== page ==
Andrea PellegriniFrancesco PegreffiPaolo PaladiniMichele Arcangelo VerdanoFrancesco CeccarelliGiuseppe Porcellini

Acta Biomed. 2012 Dec;83(3):177-82.


Introduction: The annual incidence of acute spinal cord injury, as reported in the National Spinal Cord Injury Statistical Center, was estimated to be approximately 40 cases per million, or approximately 11.000 new cases in the United States each year (1). In subjects with spinal cord injury, overstress of the upper extremities occurs not only during daily life activities, but also utilizing wheelchair. The aim of this study is to determine the prevalence of shoulder discomfort in subjects affected by paraplegia living in our country area and evaluate the associated risk factors negatively affecting the shoulder function.

Material and method: A computerized database search for paraplegic patients was performed at the Department of Orthopedic Surgery, Trauma Surgery and Rehabilitation Medicine. Among the 54 selected paraplegic patients, 47 accepted to participate at the study. Once the patients were contacted, the medical records were reviewed to obtain information regarding shoulder, elbow and spine region pain and discomfort.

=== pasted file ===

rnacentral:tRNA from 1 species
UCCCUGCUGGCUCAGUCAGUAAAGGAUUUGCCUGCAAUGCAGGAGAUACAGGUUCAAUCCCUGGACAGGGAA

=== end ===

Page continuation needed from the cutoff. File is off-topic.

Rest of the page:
Results: The 60% of all the patients who answered to the questionnaire complain shoulder pain, 90% bilaterally, and the 30% referred elbow pain, 20% bilaterally. 77% complains back pain, involving particularly lumbar region. Only 2% of this population undergoes a shoulder surgery treatment for cuff tear and shoulder disability.

Discussion and conclusion: The present study is the first in our country that gives an overview of prevalence of upper limb discomfort in paraplegic patients. We have shown the interplay between shoulder elbow and spine with pain, age of patients and type of wheel chair utilized. The previous factors can be corrected and upper limb discomfort relieved.

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